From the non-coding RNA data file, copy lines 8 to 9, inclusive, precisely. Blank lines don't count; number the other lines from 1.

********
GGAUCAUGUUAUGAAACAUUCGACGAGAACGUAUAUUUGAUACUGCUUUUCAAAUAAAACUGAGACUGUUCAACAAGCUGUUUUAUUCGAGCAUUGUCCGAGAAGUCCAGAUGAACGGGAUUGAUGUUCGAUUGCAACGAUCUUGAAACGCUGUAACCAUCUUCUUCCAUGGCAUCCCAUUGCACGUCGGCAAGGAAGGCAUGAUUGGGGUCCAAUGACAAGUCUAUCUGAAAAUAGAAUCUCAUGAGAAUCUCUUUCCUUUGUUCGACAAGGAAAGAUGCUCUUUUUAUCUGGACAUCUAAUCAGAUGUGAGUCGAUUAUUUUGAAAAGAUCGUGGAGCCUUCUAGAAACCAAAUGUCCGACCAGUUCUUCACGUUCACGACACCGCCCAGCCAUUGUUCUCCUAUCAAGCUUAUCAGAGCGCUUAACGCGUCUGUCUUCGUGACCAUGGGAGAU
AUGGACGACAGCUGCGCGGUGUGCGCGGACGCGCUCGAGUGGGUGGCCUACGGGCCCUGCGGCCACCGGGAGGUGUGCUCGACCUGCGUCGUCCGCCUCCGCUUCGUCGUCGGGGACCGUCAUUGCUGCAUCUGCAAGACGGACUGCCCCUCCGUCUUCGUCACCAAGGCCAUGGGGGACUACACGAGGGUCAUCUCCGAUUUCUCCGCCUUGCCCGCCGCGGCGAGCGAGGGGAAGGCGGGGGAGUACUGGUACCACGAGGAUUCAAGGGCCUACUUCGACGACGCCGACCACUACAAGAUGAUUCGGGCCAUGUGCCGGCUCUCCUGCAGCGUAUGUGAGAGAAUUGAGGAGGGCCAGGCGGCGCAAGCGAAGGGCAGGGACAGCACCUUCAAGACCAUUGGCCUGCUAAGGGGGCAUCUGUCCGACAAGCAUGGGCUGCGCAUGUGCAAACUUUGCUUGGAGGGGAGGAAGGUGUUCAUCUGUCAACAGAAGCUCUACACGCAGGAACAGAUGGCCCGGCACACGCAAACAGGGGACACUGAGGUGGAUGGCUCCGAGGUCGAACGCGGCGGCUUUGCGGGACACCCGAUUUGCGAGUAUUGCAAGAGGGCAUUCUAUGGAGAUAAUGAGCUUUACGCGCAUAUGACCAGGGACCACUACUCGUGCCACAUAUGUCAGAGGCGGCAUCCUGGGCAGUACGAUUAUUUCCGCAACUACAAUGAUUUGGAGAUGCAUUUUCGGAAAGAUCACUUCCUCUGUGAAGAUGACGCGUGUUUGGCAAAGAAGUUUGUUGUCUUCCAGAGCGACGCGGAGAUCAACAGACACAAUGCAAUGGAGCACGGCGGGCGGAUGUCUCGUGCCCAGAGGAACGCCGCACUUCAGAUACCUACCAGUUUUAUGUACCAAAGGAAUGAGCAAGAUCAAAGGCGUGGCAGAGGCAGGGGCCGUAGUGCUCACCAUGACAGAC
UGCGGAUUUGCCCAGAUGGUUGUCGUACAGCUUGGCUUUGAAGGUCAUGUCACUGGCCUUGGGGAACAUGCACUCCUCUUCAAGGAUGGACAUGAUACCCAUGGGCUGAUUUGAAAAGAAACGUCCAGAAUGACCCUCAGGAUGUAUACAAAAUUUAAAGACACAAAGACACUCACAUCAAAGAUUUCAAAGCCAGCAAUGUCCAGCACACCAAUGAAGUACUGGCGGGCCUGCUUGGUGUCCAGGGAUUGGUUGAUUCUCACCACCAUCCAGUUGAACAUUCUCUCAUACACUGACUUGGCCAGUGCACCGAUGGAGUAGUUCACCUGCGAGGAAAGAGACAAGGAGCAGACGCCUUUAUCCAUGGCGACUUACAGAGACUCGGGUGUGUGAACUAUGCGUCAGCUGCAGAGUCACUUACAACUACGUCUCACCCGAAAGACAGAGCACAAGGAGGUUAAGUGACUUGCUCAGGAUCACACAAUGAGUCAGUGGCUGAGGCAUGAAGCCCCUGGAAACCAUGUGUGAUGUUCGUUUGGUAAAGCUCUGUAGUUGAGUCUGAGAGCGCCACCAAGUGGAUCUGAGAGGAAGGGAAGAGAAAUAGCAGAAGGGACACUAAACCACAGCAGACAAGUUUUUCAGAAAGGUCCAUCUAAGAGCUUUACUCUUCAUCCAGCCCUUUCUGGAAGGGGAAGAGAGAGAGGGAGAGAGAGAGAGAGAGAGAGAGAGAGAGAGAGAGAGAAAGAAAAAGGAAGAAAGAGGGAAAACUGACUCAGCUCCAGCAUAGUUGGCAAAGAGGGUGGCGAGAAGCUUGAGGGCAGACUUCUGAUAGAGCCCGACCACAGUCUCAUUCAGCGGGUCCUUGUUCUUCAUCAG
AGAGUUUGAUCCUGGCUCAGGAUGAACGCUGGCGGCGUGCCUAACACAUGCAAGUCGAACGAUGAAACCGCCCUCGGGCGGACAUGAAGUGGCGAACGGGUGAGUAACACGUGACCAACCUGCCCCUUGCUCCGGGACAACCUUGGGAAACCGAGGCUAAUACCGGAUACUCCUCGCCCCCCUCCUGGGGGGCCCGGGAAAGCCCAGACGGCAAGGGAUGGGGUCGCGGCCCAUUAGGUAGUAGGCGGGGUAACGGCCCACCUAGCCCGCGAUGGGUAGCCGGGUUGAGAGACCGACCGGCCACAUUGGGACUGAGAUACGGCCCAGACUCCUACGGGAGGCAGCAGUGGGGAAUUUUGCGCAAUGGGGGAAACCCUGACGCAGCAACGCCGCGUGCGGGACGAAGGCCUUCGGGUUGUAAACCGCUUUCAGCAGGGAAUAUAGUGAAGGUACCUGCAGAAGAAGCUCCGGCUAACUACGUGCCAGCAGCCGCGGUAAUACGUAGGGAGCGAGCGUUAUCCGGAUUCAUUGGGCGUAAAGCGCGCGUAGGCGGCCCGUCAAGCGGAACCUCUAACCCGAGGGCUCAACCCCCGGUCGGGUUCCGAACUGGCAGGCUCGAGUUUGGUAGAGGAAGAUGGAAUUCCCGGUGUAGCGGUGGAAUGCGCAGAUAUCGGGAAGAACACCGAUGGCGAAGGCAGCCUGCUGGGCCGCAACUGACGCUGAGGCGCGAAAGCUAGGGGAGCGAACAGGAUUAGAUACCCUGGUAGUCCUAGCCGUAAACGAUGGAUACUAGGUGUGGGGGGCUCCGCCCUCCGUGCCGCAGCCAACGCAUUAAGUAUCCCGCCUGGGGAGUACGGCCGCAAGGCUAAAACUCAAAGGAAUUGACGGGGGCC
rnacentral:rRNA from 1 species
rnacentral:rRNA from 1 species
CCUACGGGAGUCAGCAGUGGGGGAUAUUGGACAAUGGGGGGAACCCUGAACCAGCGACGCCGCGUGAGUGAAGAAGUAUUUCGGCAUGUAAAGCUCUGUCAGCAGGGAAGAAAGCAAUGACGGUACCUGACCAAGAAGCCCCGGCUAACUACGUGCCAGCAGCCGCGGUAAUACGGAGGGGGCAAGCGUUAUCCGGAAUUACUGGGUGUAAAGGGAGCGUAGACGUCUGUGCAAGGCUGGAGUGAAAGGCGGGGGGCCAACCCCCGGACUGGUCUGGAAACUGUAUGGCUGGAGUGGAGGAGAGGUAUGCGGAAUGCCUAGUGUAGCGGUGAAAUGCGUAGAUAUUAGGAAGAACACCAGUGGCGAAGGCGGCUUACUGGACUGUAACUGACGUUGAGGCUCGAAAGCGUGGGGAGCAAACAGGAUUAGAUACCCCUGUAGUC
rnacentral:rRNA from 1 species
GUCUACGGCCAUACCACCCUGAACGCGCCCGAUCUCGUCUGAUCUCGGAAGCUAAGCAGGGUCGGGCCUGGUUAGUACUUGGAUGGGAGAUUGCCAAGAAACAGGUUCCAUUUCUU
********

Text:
rnacentral:rRNA from 1 species
GUCUACGGCCAUACCACCCUGAACGCGCCCGAUCUCGUCUGAUCUCGGAAGCUAAGCAGGGUCGGGCCUGGUUAGUACUUGGAUGGGAGAUUGCCAAGAAACAGGUUCCAUUUCUU